splitting of the spectral lines in the alkali and alkaline-earth metal atoms and in
hydrogen cannot be explained in terms of the quantum-mechanical postulates
that are presented in Section 3.7, i.e., they cannot be explained in terms of a
wave function that is dependent only on cartesian coordinates.
G. E. Uhlenbeck and S. Goudsmit (1925) explained the splitting of atomic
spectral lines by postulating that the electron possesses an intrinsic angular
momentum, which is called spin. The component of the spin angular momen-
tum in any direction has only the value "=2 or ÿ"=2. This spin angular
momentum is in addition to the orbital angular momentum of the electronic
motion about the nucleus. They further assumed that the spin imparts to the
electron a magnetic moment of magnitude e"=2me, where ÿe and me are the
electronic charge and mass. The interaction of an electron\u2019s magnetic moment
with its orbital motion accounts for the splitting of the spectral lines in the
alkali and alkaline-earth metal atoms. A combination of spin and relativistic
effects is needed to explain the fine structure of the hydrogen-atom spectrum.
The concept of spin as introduced by Uhlenbeck and Goudsmit may also be
applied to the Stern\u2013Gerlach experiment, which is described in detail in
Section 1.7. The explanation for the splitting of the beam of silver atoms into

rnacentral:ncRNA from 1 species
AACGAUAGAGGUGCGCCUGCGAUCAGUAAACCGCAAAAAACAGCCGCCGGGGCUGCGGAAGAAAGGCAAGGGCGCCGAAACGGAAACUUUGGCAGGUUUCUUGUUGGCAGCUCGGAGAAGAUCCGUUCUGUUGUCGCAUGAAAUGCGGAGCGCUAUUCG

two separate beams by the external inhomogeneous magnetic field requires the
introduction of an additional parameter to describe the behavior of the odd
electron. Thus, the magnetic moment of the silver atom is attributed to the odd
electron possessing an intrinsic angular momentum which can have one of only
two distinct values.
Following the hypothesis of electron spin by Uhlenbeck and Goudsmit, P. A.
M. Dirac (1928) developed a quantum mechanics based on the theory of
relativity rather than on Newtonian mechanics and applied it to the electron.
He found that the spin angular momentum and the spin magnetic moment of
the electron are obtained automatically from the solution of his relativistic
wave equation without any further postulates. Thus, spin angular momentum is
an intrinsic property of an electron (and of other elementary particles as well)
just as are the charge and rest mass.
In classical mechanics, a sphere moving under the influence of a central
force has two types of angular momentum, orbital and spin. Orbital angular
momentum is associated with the motion of the center of mass of the sphere
about the origin of the central force. Spin angular momentum refers to the
motion of the sphere about an axis through its center of mass. It is tempting to